Energy is in high demand all over the world, and oil and gas companies are booming. As a result, the need for qualified and licensed truck drivers to transport a wide variety of materials at a rig or drill site continues to grow. An ideal occupation for single men and women who don’t mind working in remote locations, oilfield truck driving positions offer job security and lots of opportunity to work overtime.
Generally, drivers need proper training, licensure, and mechanical knowledge of trucks and trailers. They should be prepared to work outdoors in all types of weather conditions, ranging from hot temperatures in the summer to 40 degrees below zero in the winter at some job sites. Hours are often long and unpredictable, and some drivers work up to 70 hours per week. Shifts of three weeks (15 days) on, one week (six days) off are common, and many drivers work on an on-call basis. The pay is generally very good, ranging from $40,000 to $50,000 annually. How many other professions require about two weeks of training with an average starting salary of $50,000 a year or more?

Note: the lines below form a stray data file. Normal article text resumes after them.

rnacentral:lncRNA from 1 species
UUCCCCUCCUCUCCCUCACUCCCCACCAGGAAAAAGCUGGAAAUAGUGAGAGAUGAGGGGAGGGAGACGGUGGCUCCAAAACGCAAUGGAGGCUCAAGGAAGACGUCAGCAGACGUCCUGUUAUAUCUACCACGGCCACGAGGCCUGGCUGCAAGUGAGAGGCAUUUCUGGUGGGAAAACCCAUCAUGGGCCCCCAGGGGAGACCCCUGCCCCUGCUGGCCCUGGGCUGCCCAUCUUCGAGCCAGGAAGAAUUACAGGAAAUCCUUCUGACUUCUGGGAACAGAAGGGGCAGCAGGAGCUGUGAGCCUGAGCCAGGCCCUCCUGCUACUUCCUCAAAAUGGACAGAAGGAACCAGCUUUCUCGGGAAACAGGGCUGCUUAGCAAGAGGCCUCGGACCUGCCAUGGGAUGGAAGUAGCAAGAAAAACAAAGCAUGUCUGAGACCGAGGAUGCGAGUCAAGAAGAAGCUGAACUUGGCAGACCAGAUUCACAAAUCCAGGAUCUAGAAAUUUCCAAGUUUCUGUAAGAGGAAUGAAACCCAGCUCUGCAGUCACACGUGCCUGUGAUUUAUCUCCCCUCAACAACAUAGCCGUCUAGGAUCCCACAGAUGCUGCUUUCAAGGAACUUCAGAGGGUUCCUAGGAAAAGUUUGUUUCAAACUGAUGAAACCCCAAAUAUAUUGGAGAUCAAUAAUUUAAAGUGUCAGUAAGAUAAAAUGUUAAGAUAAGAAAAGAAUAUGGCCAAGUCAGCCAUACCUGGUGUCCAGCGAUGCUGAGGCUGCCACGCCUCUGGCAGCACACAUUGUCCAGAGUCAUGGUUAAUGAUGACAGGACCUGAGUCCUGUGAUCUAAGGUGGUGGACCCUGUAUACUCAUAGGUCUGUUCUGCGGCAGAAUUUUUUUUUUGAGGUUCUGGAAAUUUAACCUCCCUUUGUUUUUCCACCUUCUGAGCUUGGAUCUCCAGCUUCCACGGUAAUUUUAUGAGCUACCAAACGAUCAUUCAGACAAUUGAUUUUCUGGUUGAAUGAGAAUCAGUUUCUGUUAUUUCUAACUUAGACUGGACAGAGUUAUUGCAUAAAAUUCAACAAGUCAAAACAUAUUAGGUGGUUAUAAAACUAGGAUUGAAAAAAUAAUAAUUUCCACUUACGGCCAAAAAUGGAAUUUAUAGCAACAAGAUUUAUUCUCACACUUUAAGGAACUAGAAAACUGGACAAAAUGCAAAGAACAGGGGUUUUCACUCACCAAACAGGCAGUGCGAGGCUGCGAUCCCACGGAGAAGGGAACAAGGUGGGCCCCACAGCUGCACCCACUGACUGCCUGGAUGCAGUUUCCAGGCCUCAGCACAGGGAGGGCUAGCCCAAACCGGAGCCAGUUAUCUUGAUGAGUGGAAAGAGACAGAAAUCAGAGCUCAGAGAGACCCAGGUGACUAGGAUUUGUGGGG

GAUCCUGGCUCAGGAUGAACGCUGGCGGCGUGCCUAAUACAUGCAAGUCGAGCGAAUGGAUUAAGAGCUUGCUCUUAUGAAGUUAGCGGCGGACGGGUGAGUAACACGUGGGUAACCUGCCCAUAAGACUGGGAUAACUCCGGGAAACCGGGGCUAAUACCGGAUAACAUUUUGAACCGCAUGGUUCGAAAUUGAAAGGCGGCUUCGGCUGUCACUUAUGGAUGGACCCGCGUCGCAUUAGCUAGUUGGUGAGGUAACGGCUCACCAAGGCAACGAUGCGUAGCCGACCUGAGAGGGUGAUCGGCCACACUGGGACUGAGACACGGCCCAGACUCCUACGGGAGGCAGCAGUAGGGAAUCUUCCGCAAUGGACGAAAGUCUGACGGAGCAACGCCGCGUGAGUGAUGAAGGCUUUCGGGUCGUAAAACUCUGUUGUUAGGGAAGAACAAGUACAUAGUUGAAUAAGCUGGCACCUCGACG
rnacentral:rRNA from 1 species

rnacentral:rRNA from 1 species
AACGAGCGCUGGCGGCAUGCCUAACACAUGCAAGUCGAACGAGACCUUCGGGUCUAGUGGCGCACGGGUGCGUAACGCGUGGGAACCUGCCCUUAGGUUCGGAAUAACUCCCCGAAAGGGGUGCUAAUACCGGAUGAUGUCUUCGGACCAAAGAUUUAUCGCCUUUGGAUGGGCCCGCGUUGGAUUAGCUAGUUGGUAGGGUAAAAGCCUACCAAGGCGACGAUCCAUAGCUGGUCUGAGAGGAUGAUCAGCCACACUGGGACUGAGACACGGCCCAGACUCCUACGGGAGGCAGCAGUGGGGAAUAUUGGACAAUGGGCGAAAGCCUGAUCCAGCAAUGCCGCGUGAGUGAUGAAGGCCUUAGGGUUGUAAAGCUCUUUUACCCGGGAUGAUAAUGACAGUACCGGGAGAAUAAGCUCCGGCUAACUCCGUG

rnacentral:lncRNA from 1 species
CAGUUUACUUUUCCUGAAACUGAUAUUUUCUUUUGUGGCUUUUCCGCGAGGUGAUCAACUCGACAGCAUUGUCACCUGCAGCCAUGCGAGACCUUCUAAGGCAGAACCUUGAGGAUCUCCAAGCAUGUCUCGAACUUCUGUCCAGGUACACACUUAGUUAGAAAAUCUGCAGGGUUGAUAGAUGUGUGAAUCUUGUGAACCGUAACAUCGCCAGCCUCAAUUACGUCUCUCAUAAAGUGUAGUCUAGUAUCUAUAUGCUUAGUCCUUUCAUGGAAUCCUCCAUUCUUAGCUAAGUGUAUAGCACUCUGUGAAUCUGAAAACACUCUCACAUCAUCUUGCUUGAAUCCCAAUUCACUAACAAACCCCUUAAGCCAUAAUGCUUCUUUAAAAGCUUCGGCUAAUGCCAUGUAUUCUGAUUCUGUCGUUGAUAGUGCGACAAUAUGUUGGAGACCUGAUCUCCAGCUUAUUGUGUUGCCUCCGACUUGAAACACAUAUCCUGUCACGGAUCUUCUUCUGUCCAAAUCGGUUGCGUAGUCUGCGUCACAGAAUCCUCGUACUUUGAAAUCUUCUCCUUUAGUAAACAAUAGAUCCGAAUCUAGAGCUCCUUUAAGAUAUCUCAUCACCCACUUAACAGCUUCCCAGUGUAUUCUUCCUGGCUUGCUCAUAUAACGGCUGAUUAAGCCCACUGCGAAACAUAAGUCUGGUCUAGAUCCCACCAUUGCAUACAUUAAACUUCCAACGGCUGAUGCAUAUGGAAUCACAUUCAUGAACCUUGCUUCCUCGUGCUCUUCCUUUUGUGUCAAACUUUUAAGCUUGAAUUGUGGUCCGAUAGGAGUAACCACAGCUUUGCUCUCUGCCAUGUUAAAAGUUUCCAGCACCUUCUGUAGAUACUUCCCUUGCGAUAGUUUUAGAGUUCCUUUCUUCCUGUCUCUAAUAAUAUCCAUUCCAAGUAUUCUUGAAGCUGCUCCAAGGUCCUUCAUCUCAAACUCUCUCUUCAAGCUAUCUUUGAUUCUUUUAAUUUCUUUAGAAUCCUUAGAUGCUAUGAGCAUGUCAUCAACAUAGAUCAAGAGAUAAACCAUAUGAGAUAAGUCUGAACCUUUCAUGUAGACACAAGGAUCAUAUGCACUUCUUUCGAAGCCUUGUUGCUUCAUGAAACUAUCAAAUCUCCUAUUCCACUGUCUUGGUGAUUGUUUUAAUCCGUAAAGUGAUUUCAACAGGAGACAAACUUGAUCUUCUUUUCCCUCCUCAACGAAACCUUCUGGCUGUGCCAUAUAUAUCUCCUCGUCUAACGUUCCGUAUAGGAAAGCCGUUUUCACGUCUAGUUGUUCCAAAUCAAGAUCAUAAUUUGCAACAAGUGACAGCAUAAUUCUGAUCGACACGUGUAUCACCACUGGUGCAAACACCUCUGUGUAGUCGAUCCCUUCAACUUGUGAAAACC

Did you Know? The U.S. Department of Labor Statistics estimates that the demand for heavy and tractor-trailer truck drivers, many of them in the oil and gas industry, will increase 21 percent between 2010 and 2020.